Porky and Buddy Pet Health – Exploring Australia’s Many Unique Animals

Porky and Buddy

Dear Readers,

If you missed having a Porky and Buddy column last week, we are sorry.

But, we have a good excuse. Guess where we are?

Australia! Yup. It’s a field trip for us to learn all about Australia’s many unique animals.

So far, we’ve seen kookaburra birds, fed kangaroos, held koalas (which are plump and sleepy, not much like a stuffed animal at all, but very cute), ducked to avoid a barn owl flying over our heads, heard tree frogs (which sound just like our peepers in Oswego), heard Sulphur Crested Cockatoos screeching in huge flocks, and saw Dingos in a sanctuary.

Dingos, which are believed to have come to Australia about 5,000 years ago with Polynesian traders, are an important part of Aboriginal culture and folklore.

They are closely related to domestic dogs, but genetically distinct.

When Europeans arrived in the 1700s with cattle and sheep, which the Dingos were very adept at hunting, there began a long era of persecution and attempted eradication (not that different from the way American settlers treated wolves.)

Now though, Dingos are being recognized and appreciated for their ability to control populations of feral foxes and cats, two serious threats to native Australian species everywhere.

They are fascinating creatures, because they are so much like domestic dogs and also so different.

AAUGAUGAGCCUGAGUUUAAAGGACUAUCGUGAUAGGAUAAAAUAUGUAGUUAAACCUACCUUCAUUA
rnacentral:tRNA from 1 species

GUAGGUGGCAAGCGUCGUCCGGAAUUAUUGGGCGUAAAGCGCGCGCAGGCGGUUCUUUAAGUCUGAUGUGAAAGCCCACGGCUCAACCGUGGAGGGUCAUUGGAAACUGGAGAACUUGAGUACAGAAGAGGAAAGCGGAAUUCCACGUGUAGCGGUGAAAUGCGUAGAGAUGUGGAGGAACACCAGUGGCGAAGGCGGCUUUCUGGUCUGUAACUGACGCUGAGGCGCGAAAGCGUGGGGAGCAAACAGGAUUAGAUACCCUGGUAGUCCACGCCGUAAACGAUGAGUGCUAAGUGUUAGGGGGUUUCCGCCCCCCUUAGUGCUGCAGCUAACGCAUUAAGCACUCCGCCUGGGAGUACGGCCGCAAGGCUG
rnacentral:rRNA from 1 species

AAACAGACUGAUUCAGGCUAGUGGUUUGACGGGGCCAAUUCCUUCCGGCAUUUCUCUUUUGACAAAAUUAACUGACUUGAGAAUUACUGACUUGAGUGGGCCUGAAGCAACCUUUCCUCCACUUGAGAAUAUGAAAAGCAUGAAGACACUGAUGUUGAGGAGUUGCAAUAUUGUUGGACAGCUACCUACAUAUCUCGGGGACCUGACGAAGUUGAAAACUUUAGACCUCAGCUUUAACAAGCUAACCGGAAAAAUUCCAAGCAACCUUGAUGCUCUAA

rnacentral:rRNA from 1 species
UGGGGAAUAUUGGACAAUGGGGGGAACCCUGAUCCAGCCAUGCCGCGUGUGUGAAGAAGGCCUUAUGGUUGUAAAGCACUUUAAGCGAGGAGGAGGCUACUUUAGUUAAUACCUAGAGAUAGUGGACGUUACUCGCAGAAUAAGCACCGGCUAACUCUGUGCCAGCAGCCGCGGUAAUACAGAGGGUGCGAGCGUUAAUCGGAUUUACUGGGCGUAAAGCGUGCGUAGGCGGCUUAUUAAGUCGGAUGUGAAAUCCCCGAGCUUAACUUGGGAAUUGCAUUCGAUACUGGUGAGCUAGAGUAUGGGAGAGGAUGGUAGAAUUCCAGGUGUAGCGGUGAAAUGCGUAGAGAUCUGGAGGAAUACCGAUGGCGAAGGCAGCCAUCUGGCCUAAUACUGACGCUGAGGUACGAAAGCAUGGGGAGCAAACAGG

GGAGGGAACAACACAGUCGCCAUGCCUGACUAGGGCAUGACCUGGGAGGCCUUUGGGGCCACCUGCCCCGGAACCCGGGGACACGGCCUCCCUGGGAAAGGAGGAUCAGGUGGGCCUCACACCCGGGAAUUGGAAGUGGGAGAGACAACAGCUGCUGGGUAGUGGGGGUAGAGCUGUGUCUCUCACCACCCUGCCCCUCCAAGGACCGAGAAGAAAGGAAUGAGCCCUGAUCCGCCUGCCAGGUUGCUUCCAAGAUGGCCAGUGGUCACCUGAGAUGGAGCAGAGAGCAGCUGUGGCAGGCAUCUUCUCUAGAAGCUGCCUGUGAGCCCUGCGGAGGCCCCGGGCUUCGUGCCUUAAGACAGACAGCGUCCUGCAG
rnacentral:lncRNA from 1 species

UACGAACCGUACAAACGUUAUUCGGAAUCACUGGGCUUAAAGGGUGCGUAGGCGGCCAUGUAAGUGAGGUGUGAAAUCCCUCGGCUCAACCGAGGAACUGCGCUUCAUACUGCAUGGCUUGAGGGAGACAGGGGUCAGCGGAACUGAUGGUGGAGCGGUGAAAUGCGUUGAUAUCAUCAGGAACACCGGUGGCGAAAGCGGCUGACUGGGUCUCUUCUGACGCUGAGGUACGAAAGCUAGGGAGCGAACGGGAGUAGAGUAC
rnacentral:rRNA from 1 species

You won’t be surprised to learn that Australia struggles with issues of species extinction, invasive plants and animals, and human development encroaching on and destroying important wildlife habitats.

Just like home.

You can read more about these issues and the important work being done by the Australian Wildlife Conservancy at www.australianwildlife.org.

One of the best things about traveling is that it really teaches us how much we are all in this together.

Are you ready for spring?

Oliver Paine Greenhouses is holding its annual Spring Plant Fundraiser weekend on May 19 and 20 from 9 a.m. to 4 p.m. at the greenhouses, at 125 South Granby Road in Fulton.

15% of you plant purchases will be donated to the Humane Society. You need to download the form on our website to take with you.

It’s a great greenhouse with a huge selection of annuals and perennials to get ready for summer (which is finally here . . . we hope.)

The Oswego County Humane Society provides spay/neuter services and assistance, fostering and adoption of animals in urgent need, humane education programs, and information and referrals to animal lovers throughout Oswego County.

Located at 29 W. Seneca St., Oswego, NY.

Phone: 315-207-1070.

Email: [email protected]

Website: www.oswegohumane.org

Because People and Pets Are Good for Each Other.